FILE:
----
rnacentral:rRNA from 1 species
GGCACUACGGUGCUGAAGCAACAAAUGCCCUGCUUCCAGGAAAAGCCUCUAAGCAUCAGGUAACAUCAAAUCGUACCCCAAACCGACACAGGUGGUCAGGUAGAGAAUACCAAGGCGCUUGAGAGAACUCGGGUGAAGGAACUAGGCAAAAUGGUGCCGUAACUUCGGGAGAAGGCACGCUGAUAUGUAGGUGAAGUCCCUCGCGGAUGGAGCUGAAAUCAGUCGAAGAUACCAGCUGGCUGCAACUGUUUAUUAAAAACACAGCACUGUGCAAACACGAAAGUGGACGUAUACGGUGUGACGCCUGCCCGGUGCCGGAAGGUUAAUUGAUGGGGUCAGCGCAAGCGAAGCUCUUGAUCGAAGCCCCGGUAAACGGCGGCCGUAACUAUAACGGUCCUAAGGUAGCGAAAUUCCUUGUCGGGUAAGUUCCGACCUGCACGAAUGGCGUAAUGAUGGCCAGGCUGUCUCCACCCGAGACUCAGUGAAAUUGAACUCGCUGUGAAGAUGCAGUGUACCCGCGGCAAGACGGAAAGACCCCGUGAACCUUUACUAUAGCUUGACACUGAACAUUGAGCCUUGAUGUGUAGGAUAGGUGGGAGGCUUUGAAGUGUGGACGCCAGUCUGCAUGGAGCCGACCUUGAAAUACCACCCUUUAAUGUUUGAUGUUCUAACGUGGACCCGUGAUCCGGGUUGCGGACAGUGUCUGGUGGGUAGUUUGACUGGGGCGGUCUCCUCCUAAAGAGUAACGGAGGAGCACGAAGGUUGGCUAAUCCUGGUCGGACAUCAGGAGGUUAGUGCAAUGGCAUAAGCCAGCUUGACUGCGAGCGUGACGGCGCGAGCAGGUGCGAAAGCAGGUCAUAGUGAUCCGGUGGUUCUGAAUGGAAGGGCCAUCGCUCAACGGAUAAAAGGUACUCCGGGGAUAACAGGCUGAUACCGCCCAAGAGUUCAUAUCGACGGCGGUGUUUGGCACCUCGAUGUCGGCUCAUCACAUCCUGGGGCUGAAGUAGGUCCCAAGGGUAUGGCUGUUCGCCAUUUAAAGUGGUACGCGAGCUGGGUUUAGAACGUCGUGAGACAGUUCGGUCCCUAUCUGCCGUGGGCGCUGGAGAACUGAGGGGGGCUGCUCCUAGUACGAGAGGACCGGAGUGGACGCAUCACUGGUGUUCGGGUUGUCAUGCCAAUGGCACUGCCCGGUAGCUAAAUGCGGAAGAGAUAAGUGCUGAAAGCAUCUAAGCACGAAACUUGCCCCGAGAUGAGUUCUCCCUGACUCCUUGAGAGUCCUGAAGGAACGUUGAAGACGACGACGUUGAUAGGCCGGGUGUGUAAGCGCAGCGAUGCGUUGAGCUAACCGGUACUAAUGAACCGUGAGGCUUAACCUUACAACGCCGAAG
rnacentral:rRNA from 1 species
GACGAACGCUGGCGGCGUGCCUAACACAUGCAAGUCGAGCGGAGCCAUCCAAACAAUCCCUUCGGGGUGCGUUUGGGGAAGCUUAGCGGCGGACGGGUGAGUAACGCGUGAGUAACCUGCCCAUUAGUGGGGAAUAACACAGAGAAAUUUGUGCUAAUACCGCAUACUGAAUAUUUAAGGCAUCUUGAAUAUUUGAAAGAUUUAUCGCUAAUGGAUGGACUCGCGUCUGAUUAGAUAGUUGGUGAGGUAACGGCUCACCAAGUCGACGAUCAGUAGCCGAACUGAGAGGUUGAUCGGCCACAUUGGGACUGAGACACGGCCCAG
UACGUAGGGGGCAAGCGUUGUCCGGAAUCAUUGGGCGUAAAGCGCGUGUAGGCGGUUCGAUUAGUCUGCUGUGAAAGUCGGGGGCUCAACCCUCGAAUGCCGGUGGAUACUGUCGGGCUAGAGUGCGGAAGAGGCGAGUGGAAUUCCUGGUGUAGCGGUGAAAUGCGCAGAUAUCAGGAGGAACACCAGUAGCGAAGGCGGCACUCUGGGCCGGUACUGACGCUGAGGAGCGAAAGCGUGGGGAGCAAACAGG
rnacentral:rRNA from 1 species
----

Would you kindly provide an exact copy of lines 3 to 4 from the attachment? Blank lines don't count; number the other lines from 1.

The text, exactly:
rnacentral:rRNA from 1 species
GACGAACGCUGGCGGCGUGCCUAACACAUGCAAGUCGAGCGGAGCCAUCCAAACAAUCCCUUCGGGGUGCGUUUGGGGAAGCUUAGCGGCGGACGGGUGAGUAACGCGUGAGUAACCUGCCCAUUAGUGGGGAAUAACACAGAGAAAUUUGUGCUAAUACCGCAUACUGAAUAUUUAAGGCAUCUUGAAUAUUUGAAAGAUUUAUCGCUAAUGGAUGGACUCGCGUCUGAUUAGAUAGUUGGUGAGGUAACGGCUCACCAAGUCGACGAUCAGUAGCCGAACUGAGAGGUUGAUCGGCCACAUUGGGACUGAGACACGGCCCAG